Top 10:A tourist spot where you can feel the romance of the Meiji era Part.1 

Starting April 2024, a new feature, “Ranking Japan Special,” will launch. This month, we’re focusing on the top 10 tourist destinations where you can experience Japan’s Meiji era. Japan is home to numerous historical sites, but our focus this time is specifically on the Meiji period.


The Meiji era (1868-1912)

Japan’s “Meiji Era” is the period in which the foundations of our modern life were laid. For example, it was during the Meiji Era that Japan saw its first electric lights and its first trains. It was also during this period that the standardization of days to 24 hours and years to 365 days was adopted. Children began attending elementary schools and adults began reading newspapers. Japan’s first elections and the establishment of the National Diet also took place during the Meiji era. Many of the “systems” and “ways of life” that we take for granted today originated in the Meiji era. The call to open the country was answered!

Prior to the beginning of the Meiji era, Japan had been in a long state of national seclusion known as “SAKOKU”. In 1853, however, the arrival of the “black ships” heralded Japan’s encounter with the world. During advancing Western powers in Asia, Japan embarked on the path to becoming a “modern nation-state” by adopting Western institutions and culture.

The pace of progress is astonishing. The postal system was established in the fourth year of Meiji, followed by the opening of the railroads, the beginning of elementary education, and the operation of the Tomioka Silk Mill in the fifth year of Meiji. The Freedom and People’s Rights Movement began in the seventh year of Meiji.

Despite the turmoil associated with rapid change, Japan flexibly embraced new Western values and ingeniously combined them with its own ancient traditions, achieving transformation at an unprecedented pace. This vibrant period of Japan’s “youth” is known as the Meiji Era.

*At TJM, we feature two types of ranking articles. One presents the latest rankings that are trending in Japan and around the world. The other type is based on research by TJM’s editors, who select candidates deemed worthy of ranking, and the actual ranking positions are determined by votes and submissions from readers who have visited the listed places, are planning to visit in the future, are interested in culinary experiences, have tasted the food, or, in the case of cultural experiences, have experienced or want to experience something similar.  These articles are reader-voted, so you can have a say in the rankings. We invite you to participate and share your opinions!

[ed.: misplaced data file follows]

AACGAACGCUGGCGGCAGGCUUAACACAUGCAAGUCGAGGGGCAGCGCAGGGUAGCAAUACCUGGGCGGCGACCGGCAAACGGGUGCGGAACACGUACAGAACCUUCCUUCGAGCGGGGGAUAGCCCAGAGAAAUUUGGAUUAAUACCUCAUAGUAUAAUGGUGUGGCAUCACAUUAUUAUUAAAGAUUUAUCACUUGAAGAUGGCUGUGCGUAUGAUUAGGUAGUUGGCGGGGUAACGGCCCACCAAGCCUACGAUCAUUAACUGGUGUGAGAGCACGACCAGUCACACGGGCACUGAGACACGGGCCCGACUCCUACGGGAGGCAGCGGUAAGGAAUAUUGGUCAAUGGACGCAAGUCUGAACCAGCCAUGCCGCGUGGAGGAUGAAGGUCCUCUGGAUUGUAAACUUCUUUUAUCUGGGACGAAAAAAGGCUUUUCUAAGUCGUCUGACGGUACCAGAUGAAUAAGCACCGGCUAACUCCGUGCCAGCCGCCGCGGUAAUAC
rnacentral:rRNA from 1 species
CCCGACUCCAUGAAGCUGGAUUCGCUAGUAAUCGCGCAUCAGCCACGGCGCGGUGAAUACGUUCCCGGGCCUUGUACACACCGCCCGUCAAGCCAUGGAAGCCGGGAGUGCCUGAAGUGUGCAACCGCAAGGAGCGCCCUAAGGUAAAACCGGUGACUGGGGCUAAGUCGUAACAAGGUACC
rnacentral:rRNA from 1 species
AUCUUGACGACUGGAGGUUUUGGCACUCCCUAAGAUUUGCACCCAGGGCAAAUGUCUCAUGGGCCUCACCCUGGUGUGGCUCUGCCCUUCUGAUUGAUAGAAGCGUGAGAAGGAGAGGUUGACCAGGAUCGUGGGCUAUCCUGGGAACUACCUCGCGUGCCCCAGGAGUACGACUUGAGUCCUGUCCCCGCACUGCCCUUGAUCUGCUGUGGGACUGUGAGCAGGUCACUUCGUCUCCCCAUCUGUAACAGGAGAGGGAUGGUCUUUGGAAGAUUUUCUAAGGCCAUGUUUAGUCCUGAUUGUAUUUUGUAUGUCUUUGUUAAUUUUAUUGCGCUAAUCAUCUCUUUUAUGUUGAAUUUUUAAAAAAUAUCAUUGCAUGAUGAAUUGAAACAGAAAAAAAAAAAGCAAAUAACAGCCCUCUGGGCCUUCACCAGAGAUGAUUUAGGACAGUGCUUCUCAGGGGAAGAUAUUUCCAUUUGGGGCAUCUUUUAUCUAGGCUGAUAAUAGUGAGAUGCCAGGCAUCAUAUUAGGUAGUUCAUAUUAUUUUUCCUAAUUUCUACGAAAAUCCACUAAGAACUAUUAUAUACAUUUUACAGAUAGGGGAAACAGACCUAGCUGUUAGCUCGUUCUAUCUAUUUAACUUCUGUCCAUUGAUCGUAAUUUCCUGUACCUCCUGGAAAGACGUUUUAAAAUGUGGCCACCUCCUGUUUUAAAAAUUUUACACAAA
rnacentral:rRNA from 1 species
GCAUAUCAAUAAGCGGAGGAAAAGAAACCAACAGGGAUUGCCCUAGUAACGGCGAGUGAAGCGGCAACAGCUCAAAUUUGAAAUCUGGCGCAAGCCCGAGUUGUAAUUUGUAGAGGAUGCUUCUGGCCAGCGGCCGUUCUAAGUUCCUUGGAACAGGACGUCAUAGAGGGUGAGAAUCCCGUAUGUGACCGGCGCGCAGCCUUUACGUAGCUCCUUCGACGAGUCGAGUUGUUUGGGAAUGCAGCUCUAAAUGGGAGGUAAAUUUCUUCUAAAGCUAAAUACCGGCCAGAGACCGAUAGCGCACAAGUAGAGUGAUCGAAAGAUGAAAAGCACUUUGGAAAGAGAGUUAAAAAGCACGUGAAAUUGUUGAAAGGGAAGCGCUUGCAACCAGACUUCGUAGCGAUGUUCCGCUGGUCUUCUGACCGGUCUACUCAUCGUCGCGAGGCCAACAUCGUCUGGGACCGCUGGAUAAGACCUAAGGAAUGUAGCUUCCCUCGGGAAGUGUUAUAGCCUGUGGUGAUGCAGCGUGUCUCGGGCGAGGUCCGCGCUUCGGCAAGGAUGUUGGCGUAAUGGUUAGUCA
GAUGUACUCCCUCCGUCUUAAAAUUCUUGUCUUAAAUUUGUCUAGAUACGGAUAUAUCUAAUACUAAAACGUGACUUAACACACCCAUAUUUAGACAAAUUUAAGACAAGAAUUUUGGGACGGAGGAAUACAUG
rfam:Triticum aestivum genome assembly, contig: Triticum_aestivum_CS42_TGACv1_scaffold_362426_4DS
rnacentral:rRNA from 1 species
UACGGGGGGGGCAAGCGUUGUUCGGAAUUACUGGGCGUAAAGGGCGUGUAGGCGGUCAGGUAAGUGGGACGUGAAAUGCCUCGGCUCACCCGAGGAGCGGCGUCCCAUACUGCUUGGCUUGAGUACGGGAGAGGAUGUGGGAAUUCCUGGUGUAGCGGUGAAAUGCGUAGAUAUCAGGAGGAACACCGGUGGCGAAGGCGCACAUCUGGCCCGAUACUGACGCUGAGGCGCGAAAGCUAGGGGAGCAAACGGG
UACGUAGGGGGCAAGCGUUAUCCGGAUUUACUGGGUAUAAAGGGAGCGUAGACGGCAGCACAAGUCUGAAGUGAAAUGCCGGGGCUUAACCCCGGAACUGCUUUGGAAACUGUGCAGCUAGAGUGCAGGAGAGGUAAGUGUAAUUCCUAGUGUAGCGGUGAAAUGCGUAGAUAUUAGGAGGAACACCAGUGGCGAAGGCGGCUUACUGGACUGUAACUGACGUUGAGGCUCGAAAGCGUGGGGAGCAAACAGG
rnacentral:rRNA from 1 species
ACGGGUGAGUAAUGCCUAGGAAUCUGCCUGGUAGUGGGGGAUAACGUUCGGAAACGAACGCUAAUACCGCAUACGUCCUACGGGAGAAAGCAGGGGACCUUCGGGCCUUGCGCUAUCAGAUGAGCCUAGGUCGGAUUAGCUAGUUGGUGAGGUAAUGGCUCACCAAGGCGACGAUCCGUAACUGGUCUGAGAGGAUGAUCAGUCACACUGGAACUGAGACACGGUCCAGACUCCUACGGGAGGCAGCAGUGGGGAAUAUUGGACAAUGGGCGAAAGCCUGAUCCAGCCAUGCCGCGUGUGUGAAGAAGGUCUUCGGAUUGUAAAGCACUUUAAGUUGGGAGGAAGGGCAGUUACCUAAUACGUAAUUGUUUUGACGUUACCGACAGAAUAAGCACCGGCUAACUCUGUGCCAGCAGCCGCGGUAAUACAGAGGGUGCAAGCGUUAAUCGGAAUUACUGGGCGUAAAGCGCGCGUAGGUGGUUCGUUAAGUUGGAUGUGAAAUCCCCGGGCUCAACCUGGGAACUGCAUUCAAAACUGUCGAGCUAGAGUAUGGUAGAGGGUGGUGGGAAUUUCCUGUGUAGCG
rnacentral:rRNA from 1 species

Here’s our first feature. Within the long history of Japan, the Meiji era stands out as a period of great change. We have selected 10 places where you can experience the Meiji era. This week, we will introduce the first location. Starting next week, we will introduce two to three locations each week.

⓵Meiji Mura in Inuyama City

Meiji Mura in Inuyama City, Aichi Prefecture, is an open-air museum that transports visitors back to the Meiji Era (1868-1912), a period of rapid modernization in Japan. Established in 1965, it showcases over 60 historical buildings, including the iconic Imperial Hotel designed by Frank Lloyd Wright. The village spans over 1 million square meters, offering a blend of Western and traditional Japanese architecture amid scenic views. Attractions like horse-drawn carriages and steam locomotive rides enhance the experience. Meiji Mura stands as a vivid reminder of Japan’s journey towards embracing modernity while preserving its rich cultural heritage.

Places to Visit in the Same Area

Inuyama Castle & Castle Town

Inuyama Castle, located in Aichi Prefecture, Japan, is one of the oldest surviving castles in the country, originally built in 1537. It is famous for its authentic wooden construction and beautiful, intricate architecture that exemplifies feudal Japan. The castle offers panoramic views of the Kiso River and the surrounding countryside. Adjacent to the castle is the castle town of Inuyama, which has retained much of its historic charm. The town features traditional streets lined with old merchant houses, tea houses, and small museums, offering visitors a glimpse into Japan’s rich cultural past.

Share this Page
  • URLをコピーしました!